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Experiment no.

Acid, Bases and Salts
Butial, John Rex
Dizon, Dan Ronsley
Manlapaz, Patrick Evandel
Vicedo, Viviene Neriz
Group no. 7, Chem 14.1, WEGI, Mr. Ralph Julius L. Mendoza
March 18, 2009



The base buret was washed thoroughly

Experimental with soap and water and was rinsed with 3 mL
portions of the standard base, 0.1 M NaOH. The
buret was filled with 0.1 M sodium hydroxide, NaOH
1. Electrolytes and the air space was removed at the tip. Zero
reading was set and the buret was clamped into the
Five drops of 0.1 M solutions of NaOH, iron stand.
NH4Cl, HC2H3O2, NaCl, C2H5OH, C12H12O11, HCl, 10 mL aliquot of the unknown acid was
NH4OH, HOAc + NaOH, HCl + NaOH, NH4OH + transferred into an Erlenmeyer flask. 50 mL of
HCl and distilled water was placed in separate test distilled water and 2-3 drops of phenolphthalein was
tubes and was tested using the following indicators: added. The acid was titrated with the standard base
litmus paper, phenolphthalein and congo red. Color until the appearance of the first appearance of a
was taken note of and the substances were permanent light pink coloration. The final reading
classified into acids, bases and salts. was recorded and three trials were conducted.
The pH oh each substance was obtained Finally, the molarity of the unknown acid solution
using a pH paper. was calculated.
Equal volumes, specifically 1 ml of 1 M HCl
and 1 M NaOH was mixed in a test tube. Indicators
were used to test the mixture. This procedure was Results
repeated by using 1 M acetic acid in place of HCl.
I. Electrolytes
2. Conductivity Test
II. Preparation of 1 M NaOH using NaOH pellets
The conductivity of the above solution was
tested using the conductivity apparatus. Calculations:

3. Preparation of 1 M NaOH using NaOH pellets 1 M NaOH = Xg NaOH

40g NaOH
The weight of NaOH needed to prepare 100g x 1 mL x 1 L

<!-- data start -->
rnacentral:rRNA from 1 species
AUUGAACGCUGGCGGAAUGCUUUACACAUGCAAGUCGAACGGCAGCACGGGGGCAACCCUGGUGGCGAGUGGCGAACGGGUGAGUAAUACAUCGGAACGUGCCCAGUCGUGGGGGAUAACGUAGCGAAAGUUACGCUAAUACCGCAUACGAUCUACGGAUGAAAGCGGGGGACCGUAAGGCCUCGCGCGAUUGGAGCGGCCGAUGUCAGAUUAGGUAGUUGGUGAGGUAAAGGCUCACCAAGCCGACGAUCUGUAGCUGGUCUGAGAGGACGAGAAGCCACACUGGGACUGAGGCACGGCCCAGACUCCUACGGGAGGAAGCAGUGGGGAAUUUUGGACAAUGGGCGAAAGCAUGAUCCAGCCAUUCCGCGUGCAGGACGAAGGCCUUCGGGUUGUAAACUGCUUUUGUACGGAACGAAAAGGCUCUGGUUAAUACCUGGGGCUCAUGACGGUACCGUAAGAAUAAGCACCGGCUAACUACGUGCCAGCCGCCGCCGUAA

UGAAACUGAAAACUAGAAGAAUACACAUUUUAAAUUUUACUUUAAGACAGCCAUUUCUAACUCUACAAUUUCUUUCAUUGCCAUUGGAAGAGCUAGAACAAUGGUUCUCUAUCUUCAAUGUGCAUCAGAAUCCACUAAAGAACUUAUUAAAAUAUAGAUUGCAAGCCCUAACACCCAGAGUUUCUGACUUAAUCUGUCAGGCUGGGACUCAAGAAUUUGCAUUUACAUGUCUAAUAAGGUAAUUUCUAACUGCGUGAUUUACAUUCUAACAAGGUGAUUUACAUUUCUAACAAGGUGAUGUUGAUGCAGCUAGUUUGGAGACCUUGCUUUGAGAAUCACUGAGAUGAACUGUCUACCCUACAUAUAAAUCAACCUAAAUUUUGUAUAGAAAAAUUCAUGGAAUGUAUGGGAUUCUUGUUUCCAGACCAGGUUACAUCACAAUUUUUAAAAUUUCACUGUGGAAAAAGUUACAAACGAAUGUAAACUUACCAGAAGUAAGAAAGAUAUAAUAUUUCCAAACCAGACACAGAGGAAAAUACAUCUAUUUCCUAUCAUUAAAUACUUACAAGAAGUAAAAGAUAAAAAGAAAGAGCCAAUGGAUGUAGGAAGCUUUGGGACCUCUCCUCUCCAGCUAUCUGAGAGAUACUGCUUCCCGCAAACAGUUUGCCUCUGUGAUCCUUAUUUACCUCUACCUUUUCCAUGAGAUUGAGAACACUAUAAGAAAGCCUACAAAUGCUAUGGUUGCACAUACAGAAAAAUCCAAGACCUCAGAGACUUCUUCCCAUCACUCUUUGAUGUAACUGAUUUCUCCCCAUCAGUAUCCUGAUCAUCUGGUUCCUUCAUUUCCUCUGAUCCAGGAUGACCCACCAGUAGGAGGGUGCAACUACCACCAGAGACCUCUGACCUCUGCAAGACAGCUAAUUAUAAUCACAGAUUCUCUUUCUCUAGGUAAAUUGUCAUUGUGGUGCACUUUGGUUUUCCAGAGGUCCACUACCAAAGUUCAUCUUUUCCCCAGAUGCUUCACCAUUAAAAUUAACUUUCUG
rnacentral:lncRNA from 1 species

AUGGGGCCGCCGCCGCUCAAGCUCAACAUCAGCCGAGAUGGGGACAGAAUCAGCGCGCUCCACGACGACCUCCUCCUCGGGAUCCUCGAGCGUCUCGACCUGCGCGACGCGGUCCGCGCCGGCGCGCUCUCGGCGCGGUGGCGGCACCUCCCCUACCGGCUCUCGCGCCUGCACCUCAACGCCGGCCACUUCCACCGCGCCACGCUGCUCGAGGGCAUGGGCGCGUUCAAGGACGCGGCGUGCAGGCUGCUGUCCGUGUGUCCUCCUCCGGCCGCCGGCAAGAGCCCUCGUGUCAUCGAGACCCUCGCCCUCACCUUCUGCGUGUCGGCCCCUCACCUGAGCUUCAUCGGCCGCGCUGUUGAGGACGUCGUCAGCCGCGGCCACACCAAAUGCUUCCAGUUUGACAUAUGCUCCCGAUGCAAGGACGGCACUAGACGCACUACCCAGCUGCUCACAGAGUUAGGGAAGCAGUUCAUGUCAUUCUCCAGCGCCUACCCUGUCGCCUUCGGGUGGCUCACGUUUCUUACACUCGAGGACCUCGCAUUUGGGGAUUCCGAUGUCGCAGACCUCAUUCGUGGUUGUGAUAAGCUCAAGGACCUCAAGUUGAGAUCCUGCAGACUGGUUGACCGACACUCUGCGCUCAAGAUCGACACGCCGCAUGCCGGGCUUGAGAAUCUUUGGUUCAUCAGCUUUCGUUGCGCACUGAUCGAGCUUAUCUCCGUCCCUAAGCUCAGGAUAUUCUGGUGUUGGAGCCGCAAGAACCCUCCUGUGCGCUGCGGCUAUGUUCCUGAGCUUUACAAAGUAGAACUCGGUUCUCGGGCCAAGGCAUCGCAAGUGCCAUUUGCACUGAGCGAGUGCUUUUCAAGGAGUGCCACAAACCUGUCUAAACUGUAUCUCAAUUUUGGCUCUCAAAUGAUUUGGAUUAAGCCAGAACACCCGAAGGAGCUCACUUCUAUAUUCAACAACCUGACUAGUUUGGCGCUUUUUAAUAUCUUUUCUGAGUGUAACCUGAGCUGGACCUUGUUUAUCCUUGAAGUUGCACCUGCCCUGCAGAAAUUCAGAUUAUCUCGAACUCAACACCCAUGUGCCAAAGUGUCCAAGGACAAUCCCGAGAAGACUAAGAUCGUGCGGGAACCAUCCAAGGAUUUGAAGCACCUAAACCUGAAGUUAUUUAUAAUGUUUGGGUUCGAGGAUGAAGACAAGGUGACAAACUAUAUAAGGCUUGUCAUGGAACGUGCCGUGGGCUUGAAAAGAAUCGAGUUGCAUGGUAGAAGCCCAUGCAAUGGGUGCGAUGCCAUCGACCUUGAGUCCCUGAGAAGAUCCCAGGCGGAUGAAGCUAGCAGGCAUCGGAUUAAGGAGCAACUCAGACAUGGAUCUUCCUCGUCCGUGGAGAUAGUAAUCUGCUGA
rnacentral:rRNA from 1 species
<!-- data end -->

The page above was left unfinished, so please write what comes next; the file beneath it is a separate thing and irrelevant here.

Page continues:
100.00 mL of 1 M NaOH was calculated. The 1g 100 mL
calculated amount of pellets was weighed in a
watch glass and was dissolved in 50 mL water. 0.1 = x
4. Preparation of 0.1 M NaOH from available
concentration of NaOH x = 4g NaOH Pellets

The volume of NaOH from available III. Preparation of 0.1 M NaOH from available
concentration needed to prepare 100 mL of 0.1 M concentration of NaOH
NaOH was determined. The measured volume to
from procedure A was dilute to 100.00 mL distilled Calculations:
water in a volumetric flask.
(1 M)(x) = (0.1 M NaOH final) (100 mL NaOH + H20
5. Titration of an Acid with a Base Final)
x= 10 mL NaOH initial Since color change often accompanies chemical
change, you might suspect that a chemical reaction
IV. Titration of an Acid with a base is responsible for indicator action. This indeed is the
TRIAL case.
No. 1 No. 2 No. 3 No. 4 NO.5
Volume 6.3 6.3 6.6 6.8 6.6 Indicators are weak acids or bases with differently
of 0.10 colored acid and base forms.
Volume 10 10 10 10 10 The indicator reaction is pH dependent because it
of mL mL mL mL mL involves either the release or capture of hydrogen
unknown ions:
Molarity 0.663 0.068 0.066 0.068 0.066 HIn H+ + In-
unknown where "HIn" and "In" stand for the indicator
acid molecule with and without an attached hydrogen
solution ion.

Average Molarity of unknown acid solution: The two forms of the indicator molecule have
0.0662 noticeably different colors. For example,
phenolphthalein has a clear HIn form and a red-
Calculations: violet In form. When there are equal amounts of HIn
and In, the solution looks pink/cloudy. Adding a
MA = MBVB drop of acid adds H+ ions which react with the In-
VA ions to form HIn, and the solution becomes more
clear. Adding a drop of base converts HIn to In, and
MA = (0.1) (0.0063) the solution becomes more pink/red violet.
Litmus paper
Litmus is a weak acid. It has a seriously
Acid is a substance that produces H+ (aq) ions complicated molecule which we will simplify to HLit.
in aqueous solutions. Strong acids ionize The "H" is the proton which can be given away to
completely or almost completely in dilute something else. The "Lit" is the rest of the weak